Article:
YES: The State should be involved to a large degree in business as doing so ensures a variety of effective business and societal outcomes.
Some vital aspects of governance, such as managing and growing the national reserves through sovereign wealth funds, should in most cases be undertaken by the state which has the long-term national interest rather than short-term commercial profits in mind.
The state should retain an extensive and influential regulatory role when it privatizes important public goods or services, such as transport, communications and healthcare, to ensure that social well-being and safety is not unduly marginalized by private operators focused solely on profits.
Economic factors related to pricing, supply and speculation pressures necessitate timely government intervention in some sectors, such as basic food commodities, housing and banking, to prevent financial elites or businessmen from exploiting members of the public or profiteering at the public expense.
The state needs to actively supportsocial enterprises, such as farmers cooperatives or factories which hire the handicapped, as such businesses assist the economically disempowered and are vital to building cohesive and civic societies.
NO: The State should not be involved in most areas of business as doing so dilutes its effectiveness as a state and also undermines desirable business and societal outcomes.
The state should never be involved in business in countries with poor accountability and public transparency practices, as corrupt officials will likely abuse the public trust and pocket national funds or resources for themselves, leading to financial ruin for the nation.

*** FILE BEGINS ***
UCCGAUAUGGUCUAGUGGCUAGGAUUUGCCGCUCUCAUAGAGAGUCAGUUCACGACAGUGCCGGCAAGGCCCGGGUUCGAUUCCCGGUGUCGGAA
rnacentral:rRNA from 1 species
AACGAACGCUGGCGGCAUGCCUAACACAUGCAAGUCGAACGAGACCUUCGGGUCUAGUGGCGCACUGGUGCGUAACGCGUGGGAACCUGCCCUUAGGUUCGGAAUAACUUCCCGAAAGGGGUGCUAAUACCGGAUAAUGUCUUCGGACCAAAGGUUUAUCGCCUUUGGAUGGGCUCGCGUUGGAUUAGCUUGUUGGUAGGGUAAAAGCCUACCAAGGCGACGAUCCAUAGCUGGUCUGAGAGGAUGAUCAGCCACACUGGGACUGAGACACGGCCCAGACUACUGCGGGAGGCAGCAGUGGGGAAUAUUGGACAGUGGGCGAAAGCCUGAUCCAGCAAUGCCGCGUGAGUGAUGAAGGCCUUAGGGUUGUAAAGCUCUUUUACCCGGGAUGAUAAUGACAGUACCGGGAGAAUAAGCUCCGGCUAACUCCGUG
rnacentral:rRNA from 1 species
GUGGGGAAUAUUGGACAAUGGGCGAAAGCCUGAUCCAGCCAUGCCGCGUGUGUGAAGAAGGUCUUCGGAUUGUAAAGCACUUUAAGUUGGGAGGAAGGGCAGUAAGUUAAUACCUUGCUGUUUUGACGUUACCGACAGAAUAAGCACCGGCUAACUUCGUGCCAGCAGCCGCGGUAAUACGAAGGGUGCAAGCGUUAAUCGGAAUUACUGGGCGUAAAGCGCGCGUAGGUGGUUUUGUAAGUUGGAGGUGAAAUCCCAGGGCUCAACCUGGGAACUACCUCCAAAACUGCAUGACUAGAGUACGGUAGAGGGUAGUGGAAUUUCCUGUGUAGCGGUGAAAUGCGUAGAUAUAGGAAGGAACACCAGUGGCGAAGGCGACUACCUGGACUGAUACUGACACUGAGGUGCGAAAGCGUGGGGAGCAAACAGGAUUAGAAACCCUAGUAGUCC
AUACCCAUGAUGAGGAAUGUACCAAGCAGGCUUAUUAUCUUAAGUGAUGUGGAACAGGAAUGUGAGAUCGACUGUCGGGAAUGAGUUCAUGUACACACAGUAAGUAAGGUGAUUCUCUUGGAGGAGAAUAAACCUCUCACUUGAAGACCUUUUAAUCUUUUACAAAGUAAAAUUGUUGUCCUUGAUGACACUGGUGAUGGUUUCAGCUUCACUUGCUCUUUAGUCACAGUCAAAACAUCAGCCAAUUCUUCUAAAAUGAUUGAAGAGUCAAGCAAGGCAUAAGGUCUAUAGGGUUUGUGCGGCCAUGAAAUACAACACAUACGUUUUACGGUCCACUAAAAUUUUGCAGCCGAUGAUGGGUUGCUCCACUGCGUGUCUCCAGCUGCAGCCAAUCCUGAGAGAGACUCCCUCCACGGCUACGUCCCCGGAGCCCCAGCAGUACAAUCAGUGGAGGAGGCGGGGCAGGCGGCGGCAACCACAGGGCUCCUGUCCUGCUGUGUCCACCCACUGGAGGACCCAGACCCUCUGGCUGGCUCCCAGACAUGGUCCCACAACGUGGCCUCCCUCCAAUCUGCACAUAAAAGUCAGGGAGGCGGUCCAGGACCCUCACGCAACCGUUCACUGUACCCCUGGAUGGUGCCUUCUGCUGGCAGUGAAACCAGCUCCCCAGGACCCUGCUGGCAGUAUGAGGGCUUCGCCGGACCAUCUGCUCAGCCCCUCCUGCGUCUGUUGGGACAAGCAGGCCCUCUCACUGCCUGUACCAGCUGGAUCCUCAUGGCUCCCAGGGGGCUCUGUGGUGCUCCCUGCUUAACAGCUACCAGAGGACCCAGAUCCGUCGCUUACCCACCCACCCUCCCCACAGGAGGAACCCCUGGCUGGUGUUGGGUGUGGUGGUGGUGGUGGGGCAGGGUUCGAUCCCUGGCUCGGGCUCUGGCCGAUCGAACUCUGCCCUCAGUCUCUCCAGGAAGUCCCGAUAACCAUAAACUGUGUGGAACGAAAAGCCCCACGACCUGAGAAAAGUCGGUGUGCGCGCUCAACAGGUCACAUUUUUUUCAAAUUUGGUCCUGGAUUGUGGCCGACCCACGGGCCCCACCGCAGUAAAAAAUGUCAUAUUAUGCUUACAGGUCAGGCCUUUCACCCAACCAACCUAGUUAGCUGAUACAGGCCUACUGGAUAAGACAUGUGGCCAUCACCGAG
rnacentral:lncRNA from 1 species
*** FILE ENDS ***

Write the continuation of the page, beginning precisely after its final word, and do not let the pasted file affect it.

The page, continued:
Once privatization takes place, governments should maintain a minimal regulatory role as doing otherwise would interfere with the efficient daily operations of the related sectors, especially if officials do not possess the necessary expertise to contribute meaningfully to efficient operations.
State interventions into the free market may be driven by populist pressures, leading to highly complex, unpredictable and harmful economic consequences, such as the collapse of prices followed by unemployment in some business sectors or government subsidies in agriculture which breed farmers’ reliance on the government.
State involvement in social enterprises should be largely discouraged as supporting them would undermine their operators’ efficiency and pass their business problems to the state, unnecessarily burdening state resources.